Writing themselves into existence or responding to oppressive forces and practices that limited their freedom, early twentieth-century African American writers desired to have their voices heard. Paul Laurence Dunbar, Charles Waddell Chesnutt, and writer-filmmaker Oscar Micheaux represent some of the first Black authors whose work garnered the interest of film producers. This first generation demonstrated that their work could be adapted to the screen, but their contributions were limited to independent films produced outside the mainstream industry.

The next generation of Black writers did attract the attention of prominent film enterprises. This second generation evolved from the Harlem Renaissance, which produced an avalanche of literary figures and coincided with the heightened popularity of cinematic production. Authors who attracted Hollywood’s interest include Wallace Thurman, Langston Hughes, Zora Neale Hurston, and Ann Petry. These literary figures had close encounters with the mainstream cinema industry, which could no longer ignore them, given their status as celebrated authors. Still, most did not see their writings translated into Hollywood adaptations.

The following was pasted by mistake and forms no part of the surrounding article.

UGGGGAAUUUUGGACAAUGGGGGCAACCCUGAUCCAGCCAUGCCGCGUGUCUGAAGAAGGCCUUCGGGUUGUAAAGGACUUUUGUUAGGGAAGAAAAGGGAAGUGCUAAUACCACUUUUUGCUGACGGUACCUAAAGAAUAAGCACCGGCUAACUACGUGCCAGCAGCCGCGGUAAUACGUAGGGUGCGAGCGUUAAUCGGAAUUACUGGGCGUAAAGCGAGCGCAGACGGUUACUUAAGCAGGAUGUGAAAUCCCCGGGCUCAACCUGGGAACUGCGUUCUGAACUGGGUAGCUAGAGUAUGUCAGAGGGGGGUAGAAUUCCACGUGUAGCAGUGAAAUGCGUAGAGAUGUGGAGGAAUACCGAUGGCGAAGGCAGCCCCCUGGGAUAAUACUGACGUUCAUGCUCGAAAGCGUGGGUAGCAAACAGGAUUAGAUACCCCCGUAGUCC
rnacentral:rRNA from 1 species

A third generation of African American writers emerged, and their writings could no longer be dismissed, considering the heightened racial consciousness that erupted during the World War II era. Thus, Black writers Frank Yerby, Willard Motley, and Richard Wright had their novels adapted to the screen, but in the adaptation process, their novels were substantially compromised or marginalized. Certainly, all novels endure alterations when adapted to the screen, but the adaptations based on the work of Black writers often involved considerable restructuring, usually because the studios changed the narratives to appease white audiences.

Illustrating the challenges in mid-century Hollywood, Richard Wright’s 1940 novel, Native Son, was not adapted until 1951, and the production was an independent film rather than a studio release. Acutely aware of Motley and Yerby’s shared disappointment with the screen adaptations of their literary work, Wright assumed a more assertive posture.

In 1940, he began collaboration with white playwright Paul Green to create a theatrical adaptation of Native Son. Wright accepted Green’s involvement, according to historian Kate Dossett, because the way Green handled the Black character in his play Hymn of the Rising Sun made Wright believe he could “‘handle a boy like Bigger,” the protagonist in Native Son. However, “the established white playwright and rising Black star came to very different positions on the role of Bigger.” Despite their disagreements, the 1941 theatrical production of white director Orson Welles starring Black actor Canada Lee as Bigger Thomas “attracted large Broadway audiences.”

The adaptations based on the work of Black writers often involved considerable restructuring, usually because the studios changed the narratives to appease white audiences.